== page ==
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A Guy Made A Fake Fact Go Viral To Prove Not To Believe Everything You Read

"Everything you see on the internet is real." —Abraham Lincoln

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Jonathan Sun, a writer, designer, and researcher at MIT who happens to be a popular jokester online, took to Twitter last night to expertly troll thousands of people.

The tweet Sun posted showed a Google search displaying the "middle names" of both Will Smith and Jada Pinkett Smith.

omg.. Will O. Smith and Jada N. Smith

The conclusion of the tweet, of course, was to make it seem like Will and Jada’s two kids, Willow and Jaden, were inspired by their parents’ middle names. Will and Jada's middle names are actually Carroll and Koren, respectively.

But even though the information in Sun's original tweet was wrong, people commented as if it were fact.

"I've been wanting to try something like this for a while," Sun told BuzzFeed, "but I just couldn't come up with the right piece of 'information' that I thought would toe that fine line of 'this is too crazy to be true' and also 'this is so crazy it has to be true' while also being just obscure enough that no one would fact-check it."

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There was this person who was alarmed that Sun had just found out this "fact":

Why are people only just realising this? I'm so frustrated https://t.co/3Oz1s6qCq9

Or this guy:

i thought this is a known fact https://t.co/AIOZ6RqZaU

Or this woman who "knew" a whole year in advance:

I JUST got it like last year! RT @jonnysun: omg.. Will O. Smith and Jada N. Smith

And this person who has known the truth since forever.

IM NOT GONA RT IT BC I KNEW THIS FOR YEARS 😂😂😂😂😂😂😂😂😃 https://t.co/ZjAVIWBUdo

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How could everyone have been so blind?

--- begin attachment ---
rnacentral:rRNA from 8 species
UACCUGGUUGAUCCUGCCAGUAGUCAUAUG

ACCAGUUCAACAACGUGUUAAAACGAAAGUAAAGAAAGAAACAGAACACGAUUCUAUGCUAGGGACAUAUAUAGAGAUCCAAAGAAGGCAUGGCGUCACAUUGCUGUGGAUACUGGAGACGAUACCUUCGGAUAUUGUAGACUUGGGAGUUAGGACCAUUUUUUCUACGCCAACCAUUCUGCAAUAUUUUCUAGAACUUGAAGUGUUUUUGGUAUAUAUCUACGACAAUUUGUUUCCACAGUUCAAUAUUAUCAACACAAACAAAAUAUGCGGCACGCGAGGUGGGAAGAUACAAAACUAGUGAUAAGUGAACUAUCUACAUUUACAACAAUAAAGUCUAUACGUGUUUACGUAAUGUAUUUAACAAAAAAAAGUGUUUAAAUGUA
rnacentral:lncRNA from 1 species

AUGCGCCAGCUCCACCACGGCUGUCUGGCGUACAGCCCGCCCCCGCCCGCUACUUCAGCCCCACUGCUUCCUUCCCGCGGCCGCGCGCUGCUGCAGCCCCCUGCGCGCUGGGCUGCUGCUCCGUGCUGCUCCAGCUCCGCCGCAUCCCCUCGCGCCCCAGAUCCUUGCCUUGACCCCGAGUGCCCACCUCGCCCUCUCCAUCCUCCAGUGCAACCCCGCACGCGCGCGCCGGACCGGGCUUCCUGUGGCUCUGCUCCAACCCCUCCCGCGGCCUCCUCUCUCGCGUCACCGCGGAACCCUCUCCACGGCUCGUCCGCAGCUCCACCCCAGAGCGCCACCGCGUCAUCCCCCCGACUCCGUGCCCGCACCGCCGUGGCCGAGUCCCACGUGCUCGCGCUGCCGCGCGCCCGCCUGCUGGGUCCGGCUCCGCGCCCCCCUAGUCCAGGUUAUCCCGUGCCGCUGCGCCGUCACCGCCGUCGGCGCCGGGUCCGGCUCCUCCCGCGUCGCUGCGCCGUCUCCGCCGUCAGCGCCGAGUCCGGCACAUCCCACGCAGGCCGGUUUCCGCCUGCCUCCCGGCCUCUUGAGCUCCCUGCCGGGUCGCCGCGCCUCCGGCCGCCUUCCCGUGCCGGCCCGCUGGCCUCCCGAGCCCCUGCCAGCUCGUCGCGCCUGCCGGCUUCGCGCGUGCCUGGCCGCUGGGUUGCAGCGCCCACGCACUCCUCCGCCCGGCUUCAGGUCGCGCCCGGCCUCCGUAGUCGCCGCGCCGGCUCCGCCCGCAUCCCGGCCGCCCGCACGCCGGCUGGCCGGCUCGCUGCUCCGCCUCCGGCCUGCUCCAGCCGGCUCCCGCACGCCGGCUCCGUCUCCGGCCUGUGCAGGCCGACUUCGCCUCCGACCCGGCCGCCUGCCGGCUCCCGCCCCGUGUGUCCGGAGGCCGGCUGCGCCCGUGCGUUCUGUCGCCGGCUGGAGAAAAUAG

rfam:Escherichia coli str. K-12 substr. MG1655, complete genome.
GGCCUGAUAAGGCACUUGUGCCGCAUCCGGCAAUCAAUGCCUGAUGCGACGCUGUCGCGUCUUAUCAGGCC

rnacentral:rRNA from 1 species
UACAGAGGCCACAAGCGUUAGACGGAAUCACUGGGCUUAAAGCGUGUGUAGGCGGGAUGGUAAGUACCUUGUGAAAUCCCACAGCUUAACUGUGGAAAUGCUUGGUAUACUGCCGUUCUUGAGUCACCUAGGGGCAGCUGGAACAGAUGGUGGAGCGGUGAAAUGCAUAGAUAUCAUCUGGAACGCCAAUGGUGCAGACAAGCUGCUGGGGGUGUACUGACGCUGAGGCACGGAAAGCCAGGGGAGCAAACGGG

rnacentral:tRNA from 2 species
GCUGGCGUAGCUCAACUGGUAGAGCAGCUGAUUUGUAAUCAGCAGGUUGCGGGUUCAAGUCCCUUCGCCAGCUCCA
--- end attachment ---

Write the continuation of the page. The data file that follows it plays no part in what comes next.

this was so fuckin obvious tho 😂😂😂 https://t.co/6YfNe8nA2k

Soon after, Sun's viral tweet was picked up by World Star Daily, a parody account that didn't credit him.

Sun said among his reasons for pulling the prank was to show how content is spread throughout the net and how it can be frustrating when attribution isn't given to the original creator.

"What people don't understand is that original comedians and writers on Twitter are not making any money from tweeting their material and that they're putting it into the world for free. Just so it can be out there and for people to read and laugh at and respond to," he said. "The only thing we ask for return is to be able to be credited for our work."

One of the biggest takeaways from Sun's tweet is the importance of fact-checking, which many pointed out.

Oh man, this @jonnysun experiment on how (mis)information travels/is aggregated on the Internet. A+

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@jonnysun is basically proving the fact that people would rather risk being stupid than do a two second google search to discredit it.

Basically @jonnysun just made up a fact, tweeted it out and tricked a bunch of joke-stealing accounts and pretentious users in one swoop.

Reminder: It's best to always be original.

In case you missed it, @jonnysun is ingeniously teaching the entire Internet a lesson on plagiarism. https://t.co/xm1VWjuCKp

A+ trolling.